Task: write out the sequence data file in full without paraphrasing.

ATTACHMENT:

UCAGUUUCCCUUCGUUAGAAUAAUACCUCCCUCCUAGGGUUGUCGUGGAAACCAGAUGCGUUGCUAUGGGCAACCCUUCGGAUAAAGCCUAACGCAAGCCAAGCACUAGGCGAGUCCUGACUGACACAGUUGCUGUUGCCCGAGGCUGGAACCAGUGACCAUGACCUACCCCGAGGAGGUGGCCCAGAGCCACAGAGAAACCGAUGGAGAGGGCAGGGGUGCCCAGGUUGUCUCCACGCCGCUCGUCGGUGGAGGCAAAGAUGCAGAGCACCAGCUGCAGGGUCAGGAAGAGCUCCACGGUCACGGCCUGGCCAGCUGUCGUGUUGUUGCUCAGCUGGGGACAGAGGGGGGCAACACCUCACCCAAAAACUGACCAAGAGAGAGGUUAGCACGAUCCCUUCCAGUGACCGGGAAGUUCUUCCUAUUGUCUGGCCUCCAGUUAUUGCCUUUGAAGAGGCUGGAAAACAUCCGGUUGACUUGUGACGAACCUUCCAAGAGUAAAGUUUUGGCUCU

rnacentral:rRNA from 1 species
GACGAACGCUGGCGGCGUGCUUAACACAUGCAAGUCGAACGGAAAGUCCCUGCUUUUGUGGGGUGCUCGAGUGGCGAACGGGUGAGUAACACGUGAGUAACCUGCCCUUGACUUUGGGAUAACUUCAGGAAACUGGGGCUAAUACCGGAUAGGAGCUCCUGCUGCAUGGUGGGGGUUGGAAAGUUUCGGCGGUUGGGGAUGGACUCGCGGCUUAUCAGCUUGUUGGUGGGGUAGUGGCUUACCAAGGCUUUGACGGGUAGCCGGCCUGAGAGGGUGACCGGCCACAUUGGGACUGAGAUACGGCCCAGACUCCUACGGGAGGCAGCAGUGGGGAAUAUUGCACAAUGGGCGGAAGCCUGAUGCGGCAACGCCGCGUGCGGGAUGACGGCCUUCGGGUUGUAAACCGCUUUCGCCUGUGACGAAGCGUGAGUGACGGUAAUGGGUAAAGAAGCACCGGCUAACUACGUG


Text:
UCAGUUUCCCUUCGUUAGAAUAAUACCUCCCUCCUAGGGUUGUCGUGGAAACCAGAUGCGUUGCUAUGGGCAACCCUUCGGAUAAAGCCUAACGCAAGCCAAGCACUAGGCGAGUCCUGACUGACACAGUUGCUGUUGCCCGAGGCUGGAACCAGUGACCAUGACCUACCCCGAGGAGGUGGCCCAGAGCCACAGAGAAACCGAUGGAGAGGGCAGGGGUGCCCAGGUUGUCUCCACGCCGCUCGUCGGUGGAGGCAAAGAUGCAGAGCACCAGCUGCAGGGUCAGGAAGAGCUCCACGGUCACGGCCUGGCCAGCUGUCGUGUUGUUGCUCAGCUGGGGACAGAGGGGGGCAACACCUCACCCAAAAACUGACCAAGAGAGAGGUUAGCACGAUCCCUUCCAGUGACCGGGAAGUUCUUCCUAUUGUCUGGCCUCCAGUUAUUGCCUUUGAAGAGGCUGGAAAACAUCCGGUUGACUUGUGACGAACCUUCCAAGAGUAAAGUUUUGGCUCU

rnacentral:rRNA from 1 species
GACGAACGCUGGCGGCGUGCUUAACACAUGCAAGUCGAACGGAAAGUCCCUGCUUUUGUGGGGUGCUCGAGUGGCGAACGGGUGAGUAACACGUGAGUAACCUGCCCUUGACUUUGGGAUAACUUCAGGAAACUGGGGCUAAUACCGGAUAGGAGCUCCUGCUGCAUGGUGGGGGUUGGAAAGUUUCGGCGGUUGGGGAUGGACUCGCGGCUUAUCAGCUUGUUGGUGGGGUAGUGGCUUACCAAGGCUUUGACGGGUAGCCGGCCUGAGAGGGUGACCGGCCACAUUGGGACUGAGAUACGGCCCAGACUCCUACGGGAGGCAGCAGUGGGGAAUAUUGCACAAUGGGCGGAAGCCUGAUGCGGCAACGCCGCGUGCGGGAUGACGGCCUUCGGGUUGUAAACCGCUUUCGCCUGUGACGAAGCGUGAGUGACGGUAAUGGGUAAAGAAGCACCGGCUAACUACGUG